Showing posts with label redemptive suffering. Show all posts
Showing posts with label redemptive suffering. Show all posts

11 Jul 2017

Why Most of Us Are Scapegoats, Not Saintly Martyrs


When we suffer in isolation for our own failings or act like a scapegoat who suffers as the result of others who sin against us, we like to think of ourselves as saintly martyrs, but our suffering is anything but holy and especially not redemptive.
 In fact, there is no act filled with more pride because we are in fact stealing Christ’s job. It takes humility to realize our miserable, self-inflicted suffering does not save anyone, least of all ourselves. The only way to become humble is to trust in God to save us because we realized our own efforts have failed.
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14 Mar 2017

Picking Up the Wrong Cross


...The Gift of Receptivity...

...Personally, my receptivity feelers do not fire on all cylinders. Sure, I’m open to whatever God has for me as long as it is good, healthy, and includes very little discomfort. Unlike Jesus entering into Jerusalem ready to fulfill God’s Will, I spend far too much time avoiding God and his Will. Perhaps I am hoping that if I am really quiet and well-behaved, I will avoid whatever cross is lurking in my day. Ironically, my cross has become my fear of the cross. My focus is far too much on this false fear of the possible tragedy lurking around the corner, and in turn I lose sight the good things God has in store for me—in any situation....

...Holy Thursday Blessings...


All Rights Reserved, Allison Gingras 2017
Reflection part of the WINE Lenten Book Club #LentenWalk

26 Jul 2016

Recipe for Holiness: Ingredient #3 Fortitude


"If you need wisdom, ask our generous God, and he will give it to you. He will not rebuke you for asking."James 1:5  Where I lack the greatest wisdom without a doubt is in discerning the Will of God. There are several factors that block my clearly hearing God speak in my life - primarily my own voice and will are often drowning out God's voice. A very anxious person by nature - I erroneously believe the more of my life I control; the better my life will be. I seem to have this crazy notion that I know better than the creator of the universe what is needed for me to be happy.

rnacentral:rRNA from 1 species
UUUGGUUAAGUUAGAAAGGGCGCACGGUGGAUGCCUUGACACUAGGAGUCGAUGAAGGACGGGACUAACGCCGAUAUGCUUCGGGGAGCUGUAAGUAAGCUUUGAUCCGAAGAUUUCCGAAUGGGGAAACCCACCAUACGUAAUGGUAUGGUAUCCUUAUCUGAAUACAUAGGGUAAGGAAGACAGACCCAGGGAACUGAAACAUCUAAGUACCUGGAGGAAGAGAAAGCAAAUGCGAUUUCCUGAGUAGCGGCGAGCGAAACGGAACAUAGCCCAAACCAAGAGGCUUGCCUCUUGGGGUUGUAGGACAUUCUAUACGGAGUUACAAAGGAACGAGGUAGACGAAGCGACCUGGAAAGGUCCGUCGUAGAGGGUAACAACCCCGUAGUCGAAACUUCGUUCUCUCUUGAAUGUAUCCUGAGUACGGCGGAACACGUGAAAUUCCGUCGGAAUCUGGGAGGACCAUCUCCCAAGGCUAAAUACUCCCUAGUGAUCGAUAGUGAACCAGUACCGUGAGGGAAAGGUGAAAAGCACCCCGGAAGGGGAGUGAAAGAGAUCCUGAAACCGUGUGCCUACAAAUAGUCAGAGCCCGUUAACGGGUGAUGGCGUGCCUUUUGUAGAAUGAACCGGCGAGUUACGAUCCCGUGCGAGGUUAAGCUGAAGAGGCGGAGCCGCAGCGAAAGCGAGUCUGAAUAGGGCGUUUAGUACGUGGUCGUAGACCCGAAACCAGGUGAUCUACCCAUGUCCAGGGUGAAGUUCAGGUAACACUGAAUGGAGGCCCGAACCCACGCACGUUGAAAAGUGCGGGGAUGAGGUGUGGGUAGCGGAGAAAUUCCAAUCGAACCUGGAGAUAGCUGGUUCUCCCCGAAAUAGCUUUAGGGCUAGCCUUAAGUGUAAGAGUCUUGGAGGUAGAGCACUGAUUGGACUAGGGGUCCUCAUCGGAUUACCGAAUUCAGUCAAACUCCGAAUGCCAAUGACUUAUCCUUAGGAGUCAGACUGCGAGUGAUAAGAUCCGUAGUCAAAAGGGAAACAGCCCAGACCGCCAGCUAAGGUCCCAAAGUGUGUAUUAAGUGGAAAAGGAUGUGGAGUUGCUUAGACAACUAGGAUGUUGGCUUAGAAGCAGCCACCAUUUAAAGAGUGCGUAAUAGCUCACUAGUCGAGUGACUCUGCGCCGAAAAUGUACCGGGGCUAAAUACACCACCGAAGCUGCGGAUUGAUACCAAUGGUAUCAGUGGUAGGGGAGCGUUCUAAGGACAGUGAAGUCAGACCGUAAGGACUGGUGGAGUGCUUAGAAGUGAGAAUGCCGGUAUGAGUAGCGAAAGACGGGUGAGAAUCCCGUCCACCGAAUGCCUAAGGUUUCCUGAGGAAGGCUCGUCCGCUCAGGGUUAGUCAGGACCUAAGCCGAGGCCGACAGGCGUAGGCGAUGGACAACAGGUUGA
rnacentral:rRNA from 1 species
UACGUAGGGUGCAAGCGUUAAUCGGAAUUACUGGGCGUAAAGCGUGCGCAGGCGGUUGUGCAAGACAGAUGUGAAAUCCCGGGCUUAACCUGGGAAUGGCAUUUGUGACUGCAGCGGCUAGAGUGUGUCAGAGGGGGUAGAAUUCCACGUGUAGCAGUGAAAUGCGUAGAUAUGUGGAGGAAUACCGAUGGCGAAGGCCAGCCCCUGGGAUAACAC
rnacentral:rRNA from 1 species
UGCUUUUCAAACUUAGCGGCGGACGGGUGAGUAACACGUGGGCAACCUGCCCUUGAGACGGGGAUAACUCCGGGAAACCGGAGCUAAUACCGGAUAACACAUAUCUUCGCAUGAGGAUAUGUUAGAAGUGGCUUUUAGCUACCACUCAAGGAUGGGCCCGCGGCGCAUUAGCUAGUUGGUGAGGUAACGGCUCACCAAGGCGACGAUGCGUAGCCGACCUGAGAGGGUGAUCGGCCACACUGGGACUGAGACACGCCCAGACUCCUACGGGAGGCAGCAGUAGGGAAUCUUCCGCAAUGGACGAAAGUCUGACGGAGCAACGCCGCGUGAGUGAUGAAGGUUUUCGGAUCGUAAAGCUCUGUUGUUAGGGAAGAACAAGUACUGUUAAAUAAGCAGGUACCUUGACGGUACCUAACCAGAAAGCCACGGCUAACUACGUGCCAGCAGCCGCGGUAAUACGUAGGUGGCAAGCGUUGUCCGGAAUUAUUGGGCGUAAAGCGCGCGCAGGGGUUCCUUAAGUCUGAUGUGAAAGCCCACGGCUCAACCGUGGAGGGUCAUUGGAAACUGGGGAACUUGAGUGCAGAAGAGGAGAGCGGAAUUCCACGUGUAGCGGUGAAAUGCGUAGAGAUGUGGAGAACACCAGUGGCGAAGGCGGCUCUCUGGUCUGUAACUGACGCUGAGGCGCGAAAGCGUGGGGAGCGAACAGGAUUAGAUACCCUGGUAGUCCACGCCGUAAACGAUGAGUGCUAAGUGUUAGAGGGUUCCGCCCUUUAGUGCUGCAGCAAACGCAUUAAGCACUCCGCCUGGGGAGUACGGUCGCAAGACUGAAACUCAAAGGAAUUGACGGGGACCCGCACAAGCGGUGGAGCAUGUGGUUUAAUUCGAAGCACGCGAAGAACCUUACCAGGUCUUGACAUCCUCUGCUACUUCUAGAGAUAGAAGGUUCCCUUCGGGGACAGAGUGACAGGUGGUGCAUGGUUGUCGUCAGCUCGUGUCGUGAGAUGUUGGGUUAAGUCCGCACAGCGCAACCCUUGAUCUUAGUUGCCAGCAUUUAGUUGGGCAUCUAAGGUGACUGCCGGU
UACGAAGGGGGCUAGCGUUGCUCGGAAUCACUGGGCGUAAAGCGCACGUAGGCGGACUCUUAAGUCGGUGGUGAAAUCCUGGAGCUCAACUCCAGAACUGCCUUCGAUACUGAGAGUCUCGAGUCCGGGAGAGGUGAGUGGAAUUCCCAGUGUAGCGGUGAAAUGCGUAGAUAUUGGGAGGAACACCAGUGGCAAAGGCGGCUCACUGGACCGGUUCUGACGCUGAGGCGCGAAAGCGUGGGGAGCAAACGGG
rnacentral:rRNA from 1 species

God is not in the happiness business - he is in the holiness business.  Paradoxical however,  the more I order my life to holiness - the truly happier I will be. Not the fading worldly happy but a much deeper, "it can't be taken away from you" joy! His ways are always 'different and higher' (Isaiah 55) from any ideas I may hold onto.   I see tomorrow, and the next day - he sees into infinity (and... oh come on we have to go there... BEYOND!).

.. read more on Reconciled To You .... 

All Rights Reserved, Allison Gingras 2016

18 Mar 2015

Redemptive Suffering and the Phony Victim Complex

First, let me clarify that redemptive suffering  exists as a genuine call from God. Yet what most of us experience is far from redemptive because our suffering is not in union with Christ’s. Redemptive suffering is not long-faced misery because it is life-giving and life-affirming as we live in, with and through Christ our Saviour. It  might involve physical pain but  it is lived in the Light, in peace and in joy. When we are no longer the centre of attention but Jesus is the centre; all heavy, psychological despair and mental anguish dissipates like insubstantial mist under the burning sunlight.
It takes humility to realize our miserable, self-inflicted suffering does not save anyone, least of all ourselves. Accepting Jesus as our Saviour really goes against our grain as human beings because we want to earn our salvation, purify ourselves by suffering  out of a misplaced sense of guilt. Ironically it usually takes suffering to break down our ego and pride. continue

21 Jan 2015

Roller Coasters, Puppies, and Learning to Fly!

The past eleven days has been a real roller coaster ride! I am not a big fan of roller coasters, either at amusement parks or in real life! They make me nauseous and I'm not a fan of the thrill. Sometimes however the trials of life that feel like roller-coaster rides can help us grow the most in faith. Hopefully the story I am about to tell will produce growth in me. After all, the Lord can use anything (Romans 8:28)!

Our children have been begging us for a while for a puppy. My husband and I have been researching what would be a good breed for our family. We have tried big breed dogs and they usually knock the children over and can be pretty destructive so that did not work for our family.